We asked Captain David Santo if it is still a good career choice to be an airline pilot. This was his answer:
Paula Williams: Again, if you have a question, please feel free to enter it in the chat window. We’ll start with some that we had. Is it still a good career choice to be an airline pilot?
Captain David Santo: Well, I think so. I don’t think people choose to be airline pilots because they think it’s a great career choice. I think being an airline pilot is almost a calling. It’s a passion. I’ve dealt with so many pilots, including myself, that I didn’t know anybody in the industry as a child growing up. My parents were not in the industry, but yet, if you ask my parents they will tell you that this is something I always said I wanted to do. If you’re following a passion if it’s something you’ve dreamed about doing, it’s a great career choice. That being said, Paula, probably right now is the best time we’ve seen in probably twenty years to be getting into the this career. We went through a long lull in the industry, and like every cycle as that cycle comes out we’re now going to go into a very long cycle of strong growth, which means there’s going to be high demand and high demand means that there’s going to be career opportunities, betting pay, better benefits really for pilots all over the world. I am very excited for the young people coming into the industry. I’m excited for the people that are joining the industry later in their careers. They want to make a career change in their 40’s or 50’s and become pilots. Those opportunities are going to be there now too.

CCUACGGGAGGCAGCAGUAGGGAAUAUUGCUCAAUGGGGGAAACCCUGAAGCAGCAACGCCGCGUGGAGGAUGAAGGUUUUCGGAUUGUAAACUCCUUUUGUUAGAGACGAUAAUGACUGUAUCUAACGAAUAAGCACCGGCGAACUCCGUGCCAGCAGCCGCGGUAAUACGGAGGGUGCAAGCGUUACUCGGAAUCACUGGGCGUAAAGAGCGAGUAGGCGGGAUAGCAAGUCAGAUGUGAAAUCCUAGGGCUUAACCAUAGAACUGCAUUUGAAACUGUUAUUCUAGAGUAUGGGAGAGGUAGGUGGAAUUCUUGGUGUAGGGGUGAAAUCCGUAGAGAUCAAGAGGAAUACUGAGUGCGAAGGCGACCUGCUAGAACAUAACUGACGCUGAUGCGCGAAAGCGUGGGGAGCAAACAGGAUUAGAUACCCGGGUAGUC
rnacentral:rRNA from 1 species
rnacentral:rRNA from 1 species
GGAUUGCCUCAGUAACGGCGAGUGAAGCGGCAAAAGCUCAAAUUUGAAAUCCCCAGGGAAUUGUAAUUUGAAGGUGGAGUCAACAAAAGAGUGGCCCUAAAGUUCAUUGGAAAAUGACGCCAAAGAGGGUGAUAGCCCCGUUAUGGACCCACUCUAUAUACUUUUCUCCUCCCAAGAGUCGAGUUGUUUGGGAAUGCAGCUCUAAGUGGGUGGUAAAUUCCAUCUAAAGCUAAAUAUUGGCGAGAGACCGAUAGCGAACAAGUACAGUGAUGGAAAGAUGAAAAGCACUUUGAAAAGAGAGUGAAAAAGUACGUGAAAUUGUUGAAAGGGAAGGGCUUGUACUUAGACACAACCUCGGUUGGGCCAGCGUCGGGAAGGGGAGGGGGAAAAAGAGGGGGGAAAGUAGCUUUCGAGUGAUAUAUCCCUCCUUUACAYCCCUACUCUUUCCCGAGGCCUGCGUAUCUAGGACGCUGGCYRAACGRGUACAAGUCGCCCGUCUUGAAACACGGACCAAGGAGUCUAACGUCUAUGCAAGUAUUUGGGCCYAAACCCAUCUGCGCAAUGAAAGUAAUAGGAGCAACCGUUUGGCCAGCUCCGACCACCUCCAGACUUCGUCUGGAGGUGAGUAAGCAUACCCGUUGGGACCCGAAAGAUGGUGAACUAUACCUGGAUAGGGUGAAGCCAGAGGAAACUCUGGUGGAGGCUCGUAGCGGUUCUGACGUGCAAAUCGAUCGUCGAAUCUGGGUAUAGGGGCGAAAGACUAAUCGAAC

Paula Williams: Excellent. Well, it sounds like that’s good news. I know there’s a lot of people who look at some of the old movies some of the old Pan AM ads and things like and they say being an airline pilot is not as glamorous as it used to be. Is that true or what have you seen?
Captain David Santo: Well, I think that’s probably a true statement. It depend on where you’re at in the world. Here in North America and Europe I don’t think the airline profession is particularly glamorous. It’s not the Catch Me If You Can movie actor set, but some places of the world it’s still very highly respected career. I even here in North America and in Europe it’s a very well-respected career. It’s a well-paid career. I think there’s lots of benefits associated to it that I think the layman employee would not really have the options to do. Glamorous I’m not sure if I know if it’s glamorous or not, but I would say it’s been a very fun career. I’ve truly enjoyed it.
Paula Williams: Right. You still get to go lots of places. I think airline pilots still have a lot of perks being able to travel to places even when they’re not working things that other professions maybe don’t have.
Captain David Santo: If you’re a person who thinks that a career is doing a time card, punching a time card, coming to work at 8:00 in the morning, taking an hour lunch break, and leaving at 5:00, and doing that five days a week, I think that a aviation career is going to be very glamorous. We have the best window seat office view in the world at 35,000 feet. We don’t punch a time card. We have days off. We have a very flexible and almost a very irregular schedule. There’s a lot of things about it that if you’re something who doesn’t like to be in the mundane grind of every day at work, I think you’re going to find an airline career definitely not your average job.